Transcript of the telephone interview with Alvin E. Roth immediately following the announcement of the 2012 Sveriges Riksbank Prize in Economic Sciences in Memory of Alfred Nobel, 15 October 2012. The interviewer is Nobelprize.org's Allegra Grevelius.
[Allegra Grevelius] Hello, is that Alvin Roth?
[Alvin Roth] It is.
[AG] My name is Allegra Grevelius and I'm calling from Nobelprize.org, the Nobel Prize website.
[AR] Uh, huh.
[AG] I'm sorry to bother you so early in the morning.
[AR] We are already up.
[AG] I expect so. Nobelprize.org has a tradition of recording short interviews with new Laureates and I was hoping that we could have a quick chat now.
[AR] OK, I'm having a little trouble hearing you. Can you speak up?
[AG] Ah yes, right. Of course, I'll speak up. First of all, congratulations.
[AR] Thank you.
[AG] How do you feel today? How did you feel when you received the news?
[AR] Well, I'm surprised but it is still too early in the morning for me to have more articulated feelings than that. I imagine that it's going to be a busy day. My phone has already started to ring.
[AG] I understand. Many of Nobelprize.org's visitors are high school students. How would you explain your prize awarded work in layman's terms?
[AR] Well, my prize is about matching and matching is the work that the economy does when deciding for instance which students go to which schools. If they have a choice - so high school students in some cities get matched through a choice system where they submit preferences and the schools have requirements or perhaps preferences also. And some decisions are made about who goes where. And that's what matching is about. It's about who gets what. And we try to, in the school choice, we try to make it happen in a way that is sufficient, but doesn't send people to schools they would rather swap with other people if the schools would allow them. And if your students are in high school, they are going to go through many matching markets in their lives. They're going to get married, they're going to get jobs, and so, they can think about us then.
[AG] So your work has a lot of practical applications in our lives, school applications, maybe matching kidney donors and receivers. Are you driven as an economist by these questions by applying your theories to real life?
[AR] Yes, economics is about real life, so I'm very interested in that.
[AG] When you recruit post docs and students, do you apply the same theories?
[AR] Well, my post docs are all different, but they are all interested in economics and how it shapes our lives and how we can learn more about it. We want to try to make things better but we also want to learn to understand them. Those are related tasks. Different post docs, you know, have different points of view.
[AG] Yeah, indeed. As a young person, what inspired you to become an economist?
[AR] Well, I didn't become an economist until rather late in life. My PhD is inoperations research. I was interested in making things work better, and using mathematics to help do that. So operations research is what I studied as an undergraduate and graduate student. The kinds of things that I found myself interested in, trying to understand and trying to make work better were things that involved people and that meant economics.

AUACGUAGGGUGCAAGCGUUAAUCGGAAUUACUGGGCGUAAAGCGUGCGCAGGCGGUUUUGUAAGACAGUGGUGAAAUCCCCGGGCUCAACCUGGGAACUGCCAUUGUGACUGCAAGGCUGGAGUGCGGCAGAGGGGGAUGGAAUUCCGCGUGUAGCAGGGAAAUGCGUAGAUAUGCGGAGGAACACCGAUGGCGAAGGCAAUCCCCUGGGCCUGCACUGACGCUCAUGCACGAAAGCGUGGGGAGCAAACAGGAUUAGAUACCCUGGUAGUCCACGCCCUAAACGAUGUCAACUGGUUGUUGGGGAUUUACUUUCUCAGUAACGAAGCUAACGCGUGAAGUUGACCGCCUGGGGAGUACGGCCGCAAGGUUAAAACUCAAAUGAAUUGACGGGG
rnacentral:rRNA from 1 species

[AG] And today you teach a course called experimental economics, is that what you are talking about now? Can you tell us more about that?
[AR] Well, I teach two courses today. One is called market design and one is called experimental economics. It's on Monday. Experimental economics is about conducting experiments, bringing economics into the laboratory or creating controlled conditions in the field, that allow us to understand better what we are seeing in less controlled circumstances. Market design is about understanding the details of markets in sufficient detail so that we can help fix them when they are broken.
[AG] In 1988 you wrote a book called "The Shapley Value, essays in honour of Lloyd S. Shapley". How did his work influence you?
[AR] Well, so ... Lloyd Shapley and David Gale, developed the first clear theory of what's called stable matching and they thought about algorithms. They really wrote a, they didn't think about it that way at the time, but they really wrote a very early market design paper and I've been a big follower of theirs in the sense that I wrote a book with Marilda Oliveira Sotomayor in 1990 that was called "Two Sided Matching" it sort of followed up the developments in the intervening 30 years in the theory of those kinds of markets. So I'm a, you know, I'm a big follower of Lloyd's and it's going to be a great honour to get the Prize together with him.
[AG] It is. I read that you have a blog and ...
[AR] Yes, I do, on market design.
[AG] In your latest post you wrote about the correlation between a country's chocolate consumption to the number of Nobel Prizes they get. What will you post today?
[AR] Ah, well, I don't know. I may not have time to blog today. It's shaping up to be a busy day. As I speak to you, I'm hearing beeps that suggest that other people are calling on the telephone.
[AG] I understand. Last question, how are you going to celebrate today, if you get a chance?
[AR] Well, pretty soon I'm going to have a cup of coffee.
[AG] That sounds good. That sounds excellent. Well congratulations and we look forward to meeting you in Stockholm in December.
[AR] I'm looking forward already.
[AG] OK, thank you.
[AR] Thank you.
[AG] Bye bye.
Listen to the Interview
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